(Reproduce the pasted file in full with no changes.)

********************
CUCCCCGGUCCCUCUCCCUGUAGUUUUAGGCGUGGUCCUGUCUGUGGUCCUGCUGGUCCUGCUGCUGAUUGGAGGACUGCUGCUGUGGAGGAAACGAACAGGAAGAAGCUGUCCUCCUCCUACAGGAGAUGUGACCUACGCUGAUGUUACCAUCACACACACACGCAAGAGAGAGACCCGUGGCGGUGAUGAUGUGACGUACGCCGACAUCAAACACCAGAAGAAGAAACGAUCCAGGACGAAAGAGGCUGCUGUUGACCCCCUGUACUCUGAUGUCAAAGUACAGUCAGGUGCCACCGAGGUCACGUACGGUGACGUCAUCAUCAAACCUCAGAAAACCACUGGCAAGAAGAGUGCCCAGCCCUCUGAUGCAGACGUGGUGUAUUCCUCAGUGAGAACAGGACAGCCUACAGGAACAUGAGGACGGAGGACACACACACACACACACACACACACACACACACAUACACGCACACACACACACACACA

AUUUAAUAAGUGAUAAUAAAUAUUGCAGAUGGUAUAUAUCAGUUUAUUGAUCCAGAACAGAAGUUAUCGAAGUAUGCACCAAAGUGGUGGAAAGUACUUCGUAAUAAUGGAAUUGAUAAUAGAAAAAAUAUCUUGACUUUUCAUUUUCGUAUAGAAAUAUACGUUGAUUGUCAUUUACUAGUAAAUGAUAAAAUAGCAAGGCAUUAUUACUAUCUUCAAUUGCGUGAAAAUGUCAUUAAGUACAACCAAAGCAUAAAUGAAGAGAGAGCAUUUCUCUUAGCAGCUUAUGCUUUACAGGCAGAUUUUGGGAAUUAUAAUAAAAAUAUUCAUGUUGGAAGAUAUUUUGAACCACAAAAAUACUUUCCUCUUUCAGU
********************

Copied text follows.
CUCCCCGGUCCCUCUCCCUGUAGUUUUAGGCGUGGUCCUGUCUGUGGUCCUGCUGGUCCUGCUGCUGAUUGGAGGACUGCUGCUGUGGAGGAAACGAACAGGAAGAAGCUGUCCUCCUCCUACAGGAGAUGUGACCUACGCUGAUGUUACCAUCACACACACACGCAAGAGAGAGACCCGUGGCGGUGAUGAUGUGACGUACGCCGACAUCAAACACCAGAAGAAGAAACGAUCCAGGACGAAAGAGGCUGCUGUUGACCCCCUGUACUCUGAUGUCAAAGUACAGUCAGGUGCCACCGAGGUCACGUACGGUGACGUCAUCAUCAAACCUCAGAAAACCACUGGCAAGAAGAGUGCCCAGCCCUCUGAUGCAGACGUGGUGUAUUCCUCAGUGAGAACAGGACAGCCUACAGGAACAUGAGGACGGAGGACACACACACACACACACACACACACACACACACAUACACGCACACACACACACACACA

AUUUAAUAAGUGAUAAUAAAUAUUGCAGAUGGUAUAUAUCAGUUUAUUGAUCCAGAACAGAAGUUAUCGAAGUAUGCACCAAAGUGGUGGAAAGUACUUCGUAAUAAUGGAAUUGAUAAUAGAAAAAAUAUCUUGACUUUUCAUUUUCGUAUAGAAAUAUACGUUGAUUGUCAUUUACUAGUAAAUGAUAAAAUAGCAAGGCAUUAUUACUAUCUUCAAUUGCGUGAAAAUGUCAUUAAGUACAACCAAAGCAUAAAUGAAGAGAGAGCAUUUCUCUUAGCAGCUUAUGCUUUACAGGCAGAUUUUGGGAAUUAUAAUAAAAAUAUUCAUGUUGGAAGAUAUUUUGAACCACAAAAAUACUUUCCUCUUUCAGU